Ending Wars on Uganda's Children

Non-Fiction - Autobiography
310 Pages
Reviewed on 07/25/2023
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    Book Review

Reviewed by Rabia Tanveer for Readers' Favorite

Ending Wars on Uganda's Children by Dr. Barbara M Gibby is the author's autobiography as she describes her years of humanitarian work in Uganda. Barbara, along with her group, arrived in Uganda to provide clean water to the people in the villages. Their main focus was on the orphans who had lost everything near and dear to them because of the war in the region. However, when Barbara and her group arrived in the country, they noticed the issues were far more significant than anticipated. Clean water was one issue, but these children had no healthcare and access to quality education. Barbara takes readers on their journey through Uganda and their efforts to improve things for the children to grow up.

Dr. Barbara M Gibby shares her adventures in Uganda with an enthusiasm that I could not resist. Things weren't sunshine and roses for her; the work was rewarding but hard. However, she kept a positive outlook and kept the morale high for her group as well as for her readers. Ending Wars on Uganda's Children reminded me of Three Cups of Tea by David Oliver Relin in a way. Barbara was very eloquent about the cultural shock, the differences, and the hard times the children lived through. I sometimes got very emotional, especially while reading Odeth's story. The descriptions were incredible. I felt like I was transported to Uganda, where the author was, and lived through the trials with her. It was as if I was sitting next to Moses as they discussed how they could make life easier for people without access to clean water, solid education, and even a proper sanitation system. The pictures were a nice touch and added more perspective to her tale. This book would be an instant hit among book clubs, as it should be.

Emma Megan

In 2004, six women went on their first trip to Uganda. Barbara, Joy, Bonnie, Dolores, Julie, and Mandy shared the same belief that progress in Uganda could be achieved through the education of its children. This exciting mixture of travelers had goals like bringing shoes to barefoot children, searching for financial means to find clean water for all the schools associated with the Gospel's Messengers, identifying ways to be less dependent on donations from outside sources, and overcoming any cultural, political, financial, safety, and health obstacles coming their way. In Ending Wars on Uganda's Children, Dr. Barbara M Gibby shares valuable information about Uganda's weather, blood-soaked history, rules, customs, internal wars, and major deadly diseases to help readers understand how the country and its culture have been shaped.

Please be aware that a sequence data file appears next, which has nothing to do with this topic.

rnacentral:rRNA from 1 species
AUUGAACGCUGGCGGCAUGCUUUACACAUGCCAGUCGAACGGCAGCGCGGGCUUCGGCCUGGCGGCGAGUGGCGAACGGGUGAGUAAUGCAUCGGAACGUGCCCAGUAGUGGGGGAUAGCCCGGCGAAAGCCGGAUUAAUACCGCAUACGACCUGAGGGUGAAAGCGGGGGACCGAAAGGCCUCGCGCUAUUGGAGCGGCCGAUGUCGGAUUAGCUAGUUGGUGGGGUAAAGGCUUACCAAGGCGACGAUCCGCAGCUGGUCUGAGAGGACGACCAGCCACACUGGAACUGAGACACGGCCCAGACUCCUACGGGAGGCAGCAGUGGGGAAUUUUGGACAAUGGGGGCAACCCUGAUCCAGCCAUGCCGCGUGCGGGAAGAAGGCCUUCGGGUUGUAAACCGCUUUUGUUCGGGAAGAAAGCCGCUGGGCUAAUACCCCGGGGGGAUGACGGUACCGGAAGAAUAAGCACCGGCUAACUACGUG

Ending Wars on Uganda's Children provides a richly detailed firsthand account of a clinical psychologist's travel experience in Uganda. This unforgettable book combines fascinating and inspirational stories of brave people who focused on improving the staggering needs of Uganda's children. Dr. Barbara M Gibby discusses culture shocks and ongoing concerns in Uganda like malaria, AIDS, malnutrition, skin infections, wounds, intestinal problems, and the lack of the best preventive measures such as sanitation, clean water, or electricity. I was highly impressed by Moses's story and his goal to help orphans in Uganda get an education. This autobiography is essential reading for anyone interested in a well-written book that captures Uganda's living conditions, a mixture of smells and dangers, war history, and relationship with witchcraft. It would appeal to travelers interested in learning more about Uganda.

Asher Syed

In Ending Wars on Uganda's Children, Dr. Barbara M Gibby arrived in Uganda in 2004, expecting the unexpected despite concerns likening it to South Africa. Adjusting to frequent power outages, she carried flashlights. The sounds of conversations and barking dogs overwhelmed her during the first visit. The next day, they visited schools made of mud and manure, catering to five grades. Moses Ssemanda Mbuga, a senior pastor of Gospel Messengers, warmly welcomed them. The American group, comprising four senior ladies, realized the daunting scale of needs. Moses, whose father was imprisoned for teaching about Christ, left a lasting impression. Over 15 years, Dr. Gibby navigated treacherous roads to reach the schools. Her sister, Joy Dull, funded well-drilling projects, and successfully established a choir after an American takeover attempt failed.